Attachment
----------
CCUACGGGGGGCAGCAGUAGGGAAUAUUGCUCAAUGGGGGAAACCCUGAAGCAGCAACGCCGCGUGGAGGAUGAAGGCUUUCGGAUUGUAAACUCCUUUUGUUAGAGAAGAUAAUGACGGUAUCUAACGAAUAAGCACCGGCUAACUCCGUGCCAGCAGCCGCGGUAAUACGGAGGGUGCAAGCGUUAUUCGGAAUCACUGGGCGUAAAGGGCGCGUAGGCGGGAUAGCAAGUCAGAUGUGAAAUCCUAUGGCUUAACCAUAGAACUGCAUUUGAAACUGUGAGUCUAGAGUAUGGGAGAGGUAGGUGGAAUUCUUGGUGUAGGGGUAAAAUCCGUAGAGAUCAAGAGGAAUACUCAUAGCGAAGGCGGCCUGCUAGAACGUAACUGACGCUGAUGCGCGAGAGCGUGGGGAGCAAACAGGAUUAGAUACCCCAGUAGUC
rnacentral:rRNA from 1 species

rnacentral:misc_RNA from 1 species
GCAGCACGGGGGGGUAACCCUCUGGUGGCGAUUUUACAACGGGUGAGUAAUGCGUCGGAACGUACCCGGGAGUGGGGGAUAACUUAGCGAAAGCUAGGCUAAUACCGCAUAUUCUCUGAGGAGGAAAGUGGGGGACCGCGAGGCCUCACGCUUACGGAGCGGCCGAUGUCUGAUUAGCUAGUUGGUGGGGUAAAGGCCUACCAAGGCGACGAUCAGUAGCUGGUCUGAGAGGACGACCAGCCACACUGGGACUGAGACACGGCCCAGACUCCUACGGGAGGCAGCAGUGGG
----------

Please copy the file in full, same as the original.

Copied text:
CCUACGGGGGGCAGCAGUAGGGAAUAUUGCUCAAUGGGGGAAACCCUGAAGCAGCAACGCCGCGUGGAGGAUGAAGGCUUUCGGAUUGUAAACUCCUUUUGUUAGAGAAGAUAAUGACGGUAUCUAACGAAUAAGCACCGGCUAACUCCGUGCCAGCAGCCGCGGUAAUACGGAGGGUGCAAGCGUUAUUCGGAAUCACUGGGCGUAAAGGGCGCGUAGGCGGGAUAGCAAGUCAGAUGUGAAAUCCUAUGGCUUAACCAUAGAACUGCAUUUGAAACUGUGAGUCUAGAGUAUGGGAGAGGUAGGUGGAAUUCUUGGUGUAGGGGUAAAAUCCGUAGAGAUCAAGAGGAAUACUCAUAGCGAAGGCGGCCUGCUAGAACGUAACUGACGCUGAUGCGCGAGAGCGUGGGGAGCAAACAGGAUUAGAUACCCCAGUAGUC
rnacentral:rRNA from 1 species

rnacentral:misc_RNA from 1 species
GCAGCACGGGGGGGUAACCCUCUGGUGGCGAUUUUACAACGGGUGAGUAAUGCGUCGGAACGUACCCGGGAGUGGGGGAUAACUUAGCGAAAGCUAGGCUAAUACCGCAUAUUCUCUGAGGAGGAAAGUGGGGGACCGCGAGGCCUCACGCUUACGGAGCGGCCGAUGUCUGAUUAGCUAGUUGGUGGGGUAAAGGCCUACCAAGGCGACGAUCAGUAGCUGGUCUGAGAGGACGACCAGCCACACUGGGACUGAGACACGGCCCAGACUCCUACGGGAGGCAGCAGUGGG